CTA rejects "load and go" edict from rail manager

Perhaps you've seen the scenario play out at you office.

A top manager one day hears her boss grousing about a work situation he doesn't like. Soon after, that manager issues an edict hoping to address the issue to her boss' satisfaction.

Problem is, she hadn't anticipated such a negative response from both the employees charged with carrying out the edict, and the customers it ultimately affected.

So the company disavowed knowledge of any such edict.

Now, I'm not sure if that's exactly what happened at the CTA with the "load and go" memo reported Tuesday by the Chicago Tribune. But it sounds awfully close.

The Trib reports that Marlene Taylor, the CTA's general manager of elevated lines, heard that President Forrest Claypool was unhappy with a rail operator standing too long at the Sedgwick Brown Line station.

So she issued a memo reminding all operator to quickly "load and go" at all station stops. Operators took that to mean they couldn't hold doors for the passenger they clearly  saw hustling up the stairs to make the train.

But once the Tribune starting asking about this "policy," the Trib said the  memo was "rejected" by Taylor's bosses.

"Ms. Taylor misunderstood the information she was given, and she misrepresented it in her email," said a CTA spokesperson in a statement to the Trib. " She is being reprimanded for this communication because this is not how we communicate changes in our operating policy."

That's good. And let's hope this policy doesn't change substantively, and operators have a little leeway to wait for customers running to get their train.


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  • The real question is whether Claypool was grousing about the delay because he is better than all but one other passenger on the Brown Line, or the supervisor was just acting based on gossip (which, based on what is posted on chicagobus.org, seems to be the way most people act at CTA).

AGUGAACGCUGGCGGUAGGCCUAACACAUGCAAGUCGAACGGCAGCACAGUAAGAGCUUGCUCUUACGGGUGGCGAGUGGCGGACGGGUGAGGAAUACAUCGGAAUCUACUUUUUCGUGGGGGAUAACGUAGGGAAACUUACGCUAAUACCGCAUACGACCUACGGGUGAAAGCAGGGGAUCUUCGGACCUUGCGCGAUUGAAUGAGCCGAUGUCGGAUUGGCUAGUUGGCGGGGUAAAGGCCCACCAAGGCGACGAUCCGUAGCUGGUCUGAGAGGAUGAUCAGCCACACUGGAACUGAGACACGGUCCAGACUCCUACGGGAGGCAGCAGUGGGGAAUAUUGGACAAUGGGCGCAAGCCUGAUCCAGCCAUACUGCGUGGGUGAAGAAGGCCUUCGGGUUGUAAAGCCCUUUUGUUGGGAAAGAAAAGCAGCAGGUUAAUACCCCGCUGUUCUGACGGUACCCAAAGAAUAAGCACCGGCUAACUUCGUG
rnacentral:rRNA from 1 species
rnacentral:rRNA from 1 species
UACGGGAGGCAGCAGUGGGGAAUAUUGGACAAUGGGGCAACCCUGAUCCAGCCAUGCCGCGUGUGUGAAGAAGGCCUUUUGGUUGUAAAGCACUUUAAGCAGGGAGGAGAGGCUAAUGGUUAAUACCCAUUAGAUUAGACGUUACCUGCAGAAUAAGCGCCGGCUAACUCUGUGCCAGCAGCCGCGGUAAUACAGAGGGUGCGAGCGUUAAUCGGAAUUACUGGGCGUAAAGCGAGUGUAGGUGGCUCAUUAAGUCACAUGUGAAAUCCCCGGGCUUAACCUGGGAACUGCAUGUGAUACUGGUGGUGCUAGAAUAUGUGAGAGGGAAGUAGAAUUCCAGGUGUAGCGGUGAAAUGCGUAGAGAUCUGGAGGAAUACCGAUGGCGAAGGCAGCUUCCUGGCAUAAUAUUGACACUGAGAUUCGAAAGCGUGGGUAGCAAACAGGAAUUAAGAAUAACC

In fact the article indicates a bigger mess, in that somehow Claypool's remark was communicated to her ("Ms. Taylor misunderstood the information she was given"), and then you have Brian Steele saying there was no change in policy. And yet, she was a 25-year employee. And they trot out Steele rather than Claypool.

    Better that Hilkevitch brought it up than another stroller get stuck in the door and hurled to the tracks.

    This, again, shows the consequences of having a major organization without professional management, and apparently a supervisor thinking (in this case, incorrectly, her superior determined) that she had to brown nose the politician at the top. Some way to run a railroad.

  • I just wish that this policy was in effect in the rush hour for all SB Red Line trains at Belmont & Fullerton!
    We're all fed up with Red Line trains required to wait for Brown Line trains there, but the worst is when a Red Line is SB at Fullerton & has to wait for the exact same Brown Line Train it had to wait for at Belmont.
    Total insanity!

  • In reply to ScooterLibbby:

    They must be figuring that Rahm or Forrest wants to transfer. Or some politician who gets on at Wellington. Too bad if they have to wait 3 minutes for the next train.

  • In reply to ScooterLibbby:

    How long do they wait? Typically I would transfer on the northbound and found it convenient that they allowed people to walk across the platform to catch the train, but perhaps you're talking about waiting even longer.

  • I would think it would be standard practice to run something like this by the boss before making it policy.

  • Two comments:

    1) In some corporate cultures, it is considered better to try to read the boss's mind than to just ask him.

    2) They don't always wait. On a typical stealthily messed-up weekend on the Red Line, if you're trying to transfer to a Purple or Yellow train, you may be SOL. What they'll do is have the northbound Red train arrive at Howard on the wrong side, not bother to tell passengers that they have to cross over (going up and down the stairs), and even if you do figure it out, they won't hold he train for them. If that's not insanity, it's certainly meanness.

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